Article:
While we’re all still sorting through what all the perspectives and stories truly mean to us over the rest of our lifetimes, here are a few themes that emerged from the few days we were lucky enough to spend together in Palm Springs. We hope that these thoughts inspire you to publish your own.
Do Not Accept The Problem You’re Presented
Regardless of who was speaking or what their background was, every single breakthrough rested on this simple premise.
Doug Rauch is solving for food deserts in the US by using one problem to solve another one. Peter Janicki, is tackling the seemingly unsolvable issue of sewage in underdeveloped nations by making the problem even bigger: developing machinery that turns waste into drinkable water and sustainable energy.
Pamela Wible related the tragic stories from medical student suicides, arguably a problem developed because neither the architects of the med school system nor the victims are able to effectively reframe the problems of a culture that has laid waste our youngest, brightest, and most compassionate.
Ann Wojcicki learned from one family tragedy of medical care to drive her interest in creating health information for people that helps people take care of themselves instead of trusting a system that has it’s own success as a larger priority than any individual’s health. Annie Young delivered stories from the front lines of nursing, where nurses are adapting the very instruments they’re handed in ways that significantly improve the health outcomes of patients.
Thinking Matters to Healthier Lives
Yes, there was a whole set devoted to Mind Matters, but the notion that mental health and introspection was evident in every corner of La Quinta. Parneet Pal lead morning mindfulness training sessions that had one reporter thinking completely differently about the way she works, and prompted a creative executive to the brink of tears.
Surgeon General Vivek Murthy took mindfulness from the exercise room to the stage of TEDMED, featuring a story of a school sick with violence and low test scores as two major symptoms. Of all the techniques tried to solve this dynamic problem, it was mindfulness that made the biggest difference to the health of the students, and the health of their community.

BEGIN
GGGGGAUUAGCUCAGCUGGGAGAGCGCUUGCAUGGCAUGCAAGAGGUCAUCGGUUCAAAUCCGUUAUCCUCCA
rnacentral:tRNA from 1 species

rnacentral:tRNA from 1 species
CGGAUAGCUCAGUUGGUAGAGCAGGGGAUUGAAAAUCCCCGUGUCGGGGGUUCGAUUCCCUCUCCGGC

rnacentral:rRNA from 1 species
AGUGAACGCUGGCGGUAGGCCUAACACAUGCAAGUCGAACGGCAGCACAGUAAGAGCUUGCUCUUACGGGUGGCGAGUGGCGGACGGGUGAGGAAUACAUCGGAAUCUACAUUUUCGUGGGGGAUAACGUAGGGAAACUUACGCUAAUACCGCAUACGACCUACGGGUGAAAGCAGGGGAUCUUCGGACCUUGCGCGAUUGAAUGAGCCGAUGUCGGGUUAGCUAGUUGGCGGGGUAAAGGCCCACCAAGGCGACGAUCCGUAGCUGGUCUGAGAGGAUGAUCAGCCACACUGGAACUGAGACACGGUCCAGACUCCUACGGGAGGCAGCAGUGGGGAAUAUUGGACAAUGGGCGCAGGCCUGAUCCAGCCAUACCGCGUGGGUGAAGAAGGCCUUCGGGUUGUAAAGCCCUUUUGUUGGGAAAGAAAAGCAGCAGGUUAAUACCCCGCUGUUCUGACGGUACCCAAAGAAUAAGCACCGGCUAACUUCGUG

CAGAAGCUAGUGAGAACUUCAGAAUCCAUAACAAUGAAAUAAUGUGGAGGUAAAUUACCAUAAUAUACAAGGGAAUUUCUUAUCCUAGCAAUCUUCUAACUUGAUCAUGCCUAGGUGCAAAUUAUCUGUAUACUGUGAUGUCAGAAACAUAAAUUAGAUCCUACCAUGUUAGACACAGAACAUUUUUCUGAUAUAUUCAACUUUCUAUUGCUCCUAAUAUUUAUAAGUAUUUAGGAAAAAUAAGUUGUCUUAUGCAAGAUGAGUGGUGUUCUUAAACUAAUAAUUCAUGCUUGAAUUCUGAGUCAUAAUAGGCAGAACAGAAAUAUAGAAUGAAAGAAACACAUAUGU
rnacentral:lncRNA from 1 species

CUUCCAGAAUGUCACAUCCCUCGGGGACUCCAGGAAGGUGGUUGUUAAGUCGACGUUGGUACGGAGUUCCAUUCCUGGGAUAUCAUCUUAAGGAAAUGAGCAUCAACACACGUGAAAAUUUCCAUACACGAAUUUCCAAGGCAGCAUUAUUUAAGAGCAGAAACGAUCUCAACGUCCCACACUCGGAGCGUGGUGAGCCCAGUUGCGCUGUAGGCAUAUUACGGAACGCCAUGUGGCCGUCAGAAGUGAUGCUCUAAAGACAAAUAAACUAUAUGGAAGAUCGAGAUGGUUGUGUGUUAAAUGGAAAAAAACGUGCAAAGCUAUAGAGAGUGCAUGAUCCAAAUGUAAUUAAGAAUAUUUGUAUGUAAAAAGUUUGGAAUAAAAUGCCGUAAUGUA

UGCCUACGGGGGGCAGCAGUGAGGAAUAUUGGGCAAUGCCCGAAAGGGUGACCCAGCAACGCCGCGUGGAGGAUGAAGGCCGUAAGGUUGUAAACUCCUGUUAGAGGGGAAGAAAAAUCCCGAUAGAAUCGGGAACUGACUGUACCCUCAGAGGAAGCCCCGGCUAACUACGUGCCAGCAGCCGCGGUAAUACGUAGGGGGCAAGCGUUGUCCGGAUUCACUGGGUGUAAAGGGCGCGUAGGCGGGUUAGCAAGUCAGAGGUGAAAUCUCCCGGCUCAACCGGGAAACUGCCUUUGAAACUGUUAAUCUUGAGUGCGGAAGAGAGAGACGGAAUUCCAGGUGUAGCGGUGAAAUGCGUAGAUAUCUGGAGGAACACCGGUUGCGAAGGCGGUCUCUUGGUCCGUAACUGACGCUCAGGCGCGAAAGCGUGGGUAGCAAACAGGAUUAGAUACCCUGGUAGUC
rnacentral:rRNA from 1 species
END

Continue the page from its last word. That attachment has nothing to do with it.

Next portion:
Mindsets about race affect the levels and kinds of care patients receive, even the approval of the FDA, as the community learned from New York Health Commissioner Mary Bassett, as well as University of Pennsylvania Scholar Dorothy Roberts. Harvard’s Thomas Lee continued this thread to say, “You can’t have truly excellent care without empathy at the core.”
Creative Expression Creates Healthy Outcomes
People with creative expression as a regular part of their life are the most successful at living long, healthy lives. Melissa Walker, who helps solders come to terms with the horrors of war through art therapy, including masks, brought this idea into stark relief. “The concrete image of the mask unleashes words. It reintegrates left and right hemisphere.”
Two perspectives on art continued this direct connection between the history of art and the ability of doctors, and patients, to achieve better health through having created or simply experienced the art. Christine McNab curated the Art of Saving A Life collection along with the Gates Foundation at the event. Vanessa Ruiz’s curated collection of anatomical art, along with the stunning discoveries from Jay Walker’s own library, threaded the need for people to artistically express anatomy through art throughout history.
Finally, Carla Pugh—host and former Speaker—put it well on the TEDMED Tumblr, “A resistance to accepting the status quo, and this amazing willingness to make personal life changes, and career changes, to go out and pursue new areas of research and science.”